New Model Addresses Perceived Worldwide Shortage Of Anti Snake Venom
Despite the rhetoric that there is a worldwide shortage of anti snake venom, evidence suggests that there is overuse of the current resources, according to a new paper. In the concept paper, a model is presented that could better enable policy makers to assess the amount and utilization of anti snake venom in their areas. The paper is published in the latest issue of Wilderness and Environmental Medicine.
The current argument for increasing the supply side of the anti snake venom (ASV) usage equation focuses almost entirely on providing more and better quality ASV. However, there is evidence that there is overuse of ASV on the demand side that could fulfill some of the perceived shortfalls, but this is not being considered in the debate, according to paper author Ian Simpson Snakebite Adviser to the Pakistan Medical Research Council. To assess the adequacy of the current ASV supply, it is useful to reconsider the relationship between supply and demand, Simpson says.
According to WHO published statistics, the two countries with the largest annual snakebite mortality in the world are India, with 50,000, and Pakistan, with 20,000. Together these two countries constitute approximately 55 to 85 percent of overall world snakebite mortality. An extensive review of the situation regarding supply and demand in these two countries led to the development of a model that can determine the actual supply/demand of ASV. The model assesses ASV usage according to two criteria: risk and wastage. The actual usage of ASV is segmented in the model into the following main areas:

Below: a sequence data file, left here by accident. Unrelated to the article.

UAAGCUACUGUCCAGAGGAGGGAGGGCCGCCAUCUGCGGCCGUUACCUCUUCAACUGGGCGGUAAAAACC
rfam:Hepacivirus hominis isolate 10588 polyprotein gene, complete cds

(1) victims who receive too little ASV (high-risk/low-wastage)
(2) victims who receive ASV either unnecessarily or in too great a quantity (low-risk/high-wastage)
(3) victims who receive ASV that is not effective (high-risk/high-wastage)
(4) victims who receive ASV according to effective local protocols (low-risk/low-wastage)
The current proposition-there is a shortage of ASV and the solution is to simply produce more-addresses only a small part of the high-risk/low-wastage group and does not address the two high-wastage groups. In addition, many countries are using imported ASVs that are developed against similar species to those in their country in the belief they will be effective. This is very unlikely but is driven by dialogue that focuses solely on shortage of supply.
Until the high-wastage groups are recognized, resolved with training and local protocols, and moved into the low-risk/low-wastage group, the true requirement for ASV worldwide cannot be assessed.
To read the entire study, The "Worldwide Shortage" of Anti Snake Venom: Is the Only Right Answer "Produce More" Or Is It Also "Use It Smarter?"(Wilderness & Environmental Medicine, 2007; Vol. 19(2):99-107), click here.
Wilderness and Environmental Medicine is a peer-reviewed, quarterly medical journal published by the Wilderness Medical Society. For more information, visit http://www.wms.org.